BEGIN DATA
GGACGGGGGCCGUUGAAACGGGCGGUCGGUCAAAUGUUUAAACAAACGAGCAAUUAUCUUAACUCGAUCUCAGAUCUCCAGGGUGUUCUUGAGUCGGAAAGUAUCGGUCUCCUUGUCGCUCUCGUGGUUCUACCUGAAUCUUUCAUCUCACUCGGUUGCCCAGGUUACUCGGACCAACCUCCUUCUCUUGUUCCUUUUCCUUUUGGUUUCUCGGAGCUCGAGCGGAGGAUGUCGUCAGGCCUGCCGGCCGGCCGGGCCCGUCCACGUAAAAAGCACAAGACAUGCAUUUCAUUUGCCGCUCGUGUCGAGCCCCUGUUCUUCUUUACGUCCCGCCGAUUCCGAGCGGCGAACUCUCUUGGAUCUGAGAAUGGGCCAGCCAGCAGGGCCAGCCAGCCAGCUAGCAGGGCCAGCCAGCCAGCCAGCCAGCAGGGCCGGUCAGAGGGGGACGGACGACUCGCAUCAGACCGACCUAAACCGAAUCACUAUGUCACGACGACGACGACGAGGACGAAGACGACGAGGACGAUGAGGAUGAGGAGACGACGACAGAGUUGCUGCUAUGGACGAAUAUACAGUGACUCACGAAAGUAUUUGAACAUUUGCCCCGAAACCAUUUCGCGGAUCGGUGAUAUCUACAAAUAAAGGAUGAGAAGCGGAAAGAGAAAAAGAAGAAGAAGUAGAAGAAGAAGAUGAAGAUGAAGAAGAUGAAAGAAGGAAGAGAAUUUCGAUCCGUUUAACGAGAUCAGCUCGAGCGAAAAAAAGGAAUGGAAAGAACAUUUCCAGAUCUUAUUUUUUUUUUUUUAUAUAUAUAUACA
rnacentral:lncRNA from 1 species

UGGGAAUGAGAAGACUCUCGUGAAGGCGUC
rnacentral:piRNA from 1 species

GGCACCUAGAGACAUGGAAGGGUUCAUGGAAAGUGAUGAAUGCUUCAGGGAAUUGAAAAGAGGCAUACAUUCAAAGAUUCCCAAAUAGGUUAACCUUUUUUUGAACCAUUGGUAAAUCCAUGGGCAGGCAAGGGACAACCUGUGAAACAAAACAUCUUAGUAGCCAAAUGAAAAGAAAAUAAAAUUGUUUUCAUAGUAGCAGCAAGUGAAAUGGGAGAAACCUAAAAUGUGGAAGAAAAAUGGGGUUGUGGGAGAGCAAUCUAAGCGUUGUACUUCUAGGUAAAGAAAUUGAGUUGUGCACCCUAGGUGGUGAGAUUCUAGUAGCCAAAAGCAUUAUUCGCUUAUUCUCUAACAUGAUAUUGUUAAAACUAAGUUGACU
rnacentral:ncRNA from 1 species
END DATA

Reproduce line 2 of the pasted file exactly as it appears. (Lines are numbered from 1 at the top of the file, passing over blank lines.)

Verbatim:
rnacentral:lncRNA from 1 species